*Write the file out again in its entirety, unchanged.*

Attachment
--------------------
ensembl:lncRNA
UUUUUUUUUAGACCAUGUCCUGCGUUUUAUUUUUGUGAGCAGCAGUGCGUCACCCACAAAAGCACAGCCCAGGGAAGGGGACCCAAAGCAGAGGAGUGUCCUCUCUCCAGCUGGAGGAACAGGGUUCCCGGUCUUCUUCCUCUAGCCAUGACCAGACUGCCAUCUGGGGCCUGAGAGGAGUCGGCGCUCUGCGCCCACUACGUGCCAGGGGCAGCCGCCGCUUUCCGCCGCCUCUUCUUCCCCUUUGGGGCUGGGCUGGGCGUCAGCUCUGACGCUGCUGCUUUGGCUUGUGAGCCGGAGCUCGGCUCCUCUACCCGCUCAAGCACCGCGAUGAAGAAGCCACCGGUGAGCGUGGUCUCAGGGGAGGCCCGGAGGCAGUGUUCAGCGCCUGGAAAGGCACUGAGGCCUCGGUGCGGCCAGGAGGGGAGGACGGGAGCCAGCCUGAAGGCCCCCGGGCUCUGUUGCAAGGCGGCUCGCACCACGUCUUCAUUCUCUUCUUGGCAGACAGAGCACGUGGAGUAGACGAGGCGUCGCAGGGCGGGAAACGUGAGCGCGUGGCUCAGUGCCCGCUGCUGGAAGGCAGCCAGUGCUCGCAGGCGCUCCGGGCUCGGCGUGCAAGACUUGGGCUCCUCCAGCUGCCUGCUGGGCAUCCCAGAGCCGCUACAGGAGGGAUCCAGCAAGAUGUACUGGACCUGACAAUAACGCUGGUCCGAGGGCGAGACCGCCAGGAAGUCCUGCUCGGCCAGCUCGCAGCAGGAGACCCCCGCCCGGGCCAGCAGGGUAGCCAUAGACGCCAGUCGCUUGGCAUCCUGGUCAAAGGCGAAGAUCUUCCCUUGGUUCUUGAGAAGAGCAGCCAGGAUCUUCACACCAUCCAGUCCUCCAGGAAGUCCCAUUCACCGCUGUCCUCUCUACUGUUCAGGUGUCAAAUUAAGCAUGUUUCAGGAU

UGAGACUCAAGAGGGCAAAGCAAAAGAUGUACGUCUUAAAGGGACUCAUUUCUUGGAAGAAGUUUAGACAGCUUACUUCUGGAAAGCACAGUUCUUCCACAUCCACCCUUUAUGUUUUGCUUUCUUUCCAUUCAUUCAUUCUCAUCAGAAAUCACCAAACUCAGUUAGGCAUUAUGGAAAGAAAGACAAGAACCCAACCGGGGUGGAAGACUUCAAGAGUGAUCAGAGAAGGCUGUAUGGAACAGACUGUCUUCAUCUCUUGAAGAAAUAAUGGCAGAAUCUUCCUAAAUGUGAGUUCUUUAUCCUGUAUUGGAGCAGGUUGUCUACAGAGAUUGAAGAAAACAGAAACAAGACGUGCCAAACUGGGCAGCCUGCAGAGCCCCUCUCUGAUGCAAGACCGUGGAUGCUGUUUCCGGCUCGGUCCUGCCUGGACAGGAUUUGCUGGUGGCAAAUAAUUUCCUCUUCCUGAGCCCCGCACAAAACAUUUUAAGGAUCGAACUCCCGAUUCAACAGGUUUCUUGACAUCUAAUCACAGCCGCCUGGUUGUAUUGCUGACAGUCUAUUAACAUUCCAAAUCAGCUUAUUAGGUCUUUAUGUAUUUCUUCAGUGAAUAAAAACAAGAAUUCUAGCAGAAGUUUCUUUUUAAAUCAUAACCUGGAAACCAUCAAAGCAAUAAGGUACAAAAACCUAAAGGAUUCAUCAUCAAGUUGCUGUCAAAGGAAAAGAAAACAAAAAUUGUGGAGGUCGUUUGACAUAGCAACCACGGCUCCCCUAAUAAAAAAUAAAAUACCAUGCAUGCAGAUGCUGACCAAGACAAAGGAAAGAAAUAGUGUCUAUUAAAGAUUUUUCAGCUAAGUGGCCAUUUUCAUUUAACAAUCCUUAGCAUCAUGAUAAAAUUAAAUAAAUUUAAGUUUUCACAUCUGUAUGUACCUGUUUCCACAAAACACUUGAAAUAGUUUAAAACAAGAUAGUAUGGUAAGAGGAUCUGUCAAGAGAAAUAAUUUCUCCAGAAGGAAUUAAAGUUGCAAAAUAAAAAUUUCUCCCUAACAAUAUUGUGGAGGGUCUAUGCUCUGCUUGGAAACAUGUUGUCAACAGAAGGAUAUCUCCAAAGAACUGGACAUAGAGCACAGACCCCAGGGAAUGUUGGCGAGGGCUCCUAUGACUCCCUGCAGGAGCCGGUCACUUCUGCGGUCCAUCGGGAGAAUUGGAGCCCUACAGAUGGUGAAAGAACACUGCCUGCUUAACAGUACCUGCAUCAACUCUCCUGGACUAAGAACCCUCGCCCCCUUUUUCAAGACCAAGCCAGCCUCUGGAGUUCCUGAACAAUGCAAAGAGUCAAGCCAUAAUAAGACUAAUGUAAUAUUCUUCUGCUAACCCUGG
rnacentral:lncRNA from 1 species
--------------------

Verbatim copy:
ensembl:lncRNA
UUUUUUUUUAGACCAUGUCCUGCGUUUUAUUUUUGUGAGCAGCAGUGCGUCACCCACAAAAGCACAGCCCAGGGAAGGGGACCCAAAGCAGAGGAGUGUCCUCUCUCCAGCUGGAGGAACAGGGUUCCCGGUCUUCUUCCUCUAGCCAUGACCAGACUGCCAUCUGGGGCCUGAGAGGAGUCGGCGCUCUGCGCCCACUACGUGCCAGGGGCAGCCGCCGCUUUCCGCCGCCUCUUCUUCCCCUUUGGGGCUGGGCUGGGCGUCAGCUCUGACGCUGCUGCUUUGGCUUGUGAGCCGGAGCUCGGCUCCUCUACCCGCUCAAGCACCGCGAUGAAGAAGCCACCGGUGAGCGUGGUCUCAGGGGAGGCCCGGAGGCAGUGUUCAGCGCCUGGAAAGGCACUGAGGCCUCGGUGCGGCCAGGAGGGGAGGACGGGAGCCAGCCUGAAGGCCCCCGGGCUCUGUUGCAAGGCGGCUCGCACCACGUCUUCAUUCUCUUCUUGGCAGACAGAGCACGUGGAGUAGACGAGGCGUCGCAGGGCGGGAAACGUGAGCGCGUGGCUCAGUGCCCGCUGCUGGAAGGCAGCCAGUGCUCGCAGGCGCUCCGGGCUCGGCGUGCAAGACUUGGGCUCCUCCAGCUGCCUGCUGGGCAUCCCAGAGCCGCUACAGGAGGGAUCCAGCAAGAUGUACUGGACCUGACAAUAACGCUGGUCCGAGGGCGAGACCGCCAGGAAGUCCUGCUCGGCCAGCUCGCAGCAGGAGACCCCCGCCCGGGCCAGCAGGGUAGCCAUAGACGCCAGUCGCUUGGCAUCCUGGUCAAAGGCGAAGAUCUUCCCUUGGUUCUUGAGAAGAGCAGCCAGGAUCUUCACACCAUCCAGUCCUCCAGGAAGUCCCAUUCACCGCUGUCCUCUCUACUGUUCAGGUGUCAAAUUAAGCAUGUUUCAGGAU

UGAGACUCAAGAGGGCAAAGCAAAAGAUGUACGUCUUAAAGGGACUCAUUUCUUGGAAGAAGUUUAGACAGCUUACUUCUGGAAAGCACAGUUCUUCCACAUCCACCCUUUAUGUUUUGCUUUCUUUCCAUUCAUUCAUUCUCAUCAGAAAUCACCAAACUCAGUUAGGCAUUAUGGAAAGAAAGACAAGAACCCAACCGGGGUGGAAGACUUCAAGAGUGAUCAGAGAAGGCUGUAUGGAACAGACUGUCUUCAUCUCUUGAAGAAAUAAUGGCAGAAUCUUCCUAAAUGUGAGUUCUUUAUCCUGUAUUGGAGCAGGUUGUCUACAGAGAUUGAAGAAAACAGAAACAAGACGUGCCAAACUGGGCAGCCUGCAGAGCCCCUCUCUGAUGCAAGACCGUGGAUGCUGUUUCCGGCUCGGUCCUGCCUGGACAGGAUUUGCUGGUGGCAAAUAAUUUCCUCUUCCUGAGCCCCGCACAAAACAUUUUAAGGAUCGAACUCCCGAUUCAACAGGUUUCUUGACAUCUAAUCACAGCCGCCUGGUUGUAUUGCUGACAGUCUAUUAACAUUCCAAAUCAGCUUAUUAGGUCUUUAUGUAUUUCUUCAGUGAAUAAAAACAAGAAUUCUAGCAGAAGUUUCUUUUUAAAUCAUAACCUGGAAACCAUCAAAGCAAUAAGGUACAAAAACCUAAAGGAUUCAUCAUCAAGUUGCUGUCAAAGGAAAAGAAAACAAAAAUUGUGGAGGUCGUUUGACAUAGCAACCACGGCUCCCCUAAUAAAAAAUAAAAUACCAUGCAUGCAGAUGCUGACCAAGACAAAGGAAAGAAAUAGUGUCUAUUAAAGAUUUUUCAGCUAAGUGGCCAUUUUCAUUUAACAAUCCUUAGCAUCAUGAUAAAAUUAAAUAAAUUUAAGUUUUCACAUCUGUAUGUACCUGUUUCCACAAAACACUUGAAAUAGUUUAAAACAAGAUAGUAUGGUAAGAGGAUCUGUCAAGAGAAAUAAUUUCUCCAGAAGGAAUUAAAGUUGCAAAAUAAAAAUUUCUCCCUAACAAUAUUGUGGAGGGUCUAUGCUCUGCUUGGAAACAUGUUGUCAACAGAAGGAUAUCUCCAAAGAACUGGACAUAGAGCACAGACCCCAGGGAAUGUUGGCGAGGGCUCCUAUGACUCCCUGCAGGAGCCGGUCACUUCUGCGGUCCAUCGGGAGAAUUGGAGCCCUACAGAUGGUGAAAGAACACUGCCUGCUUAACAGUACCUGCAUCAACUCUCCUGGACUAAGAACCCUCGCCCCCUUUUUCAAGACCAAGCCAGCCUCUGGAGUUCCUGAACAAUGCAAAGAGUCAAGCCAUAAUAAGACUAAUGUAAUAUUCUUCUGCUAACCCUGG
rnacentral:lncRNA from 1 species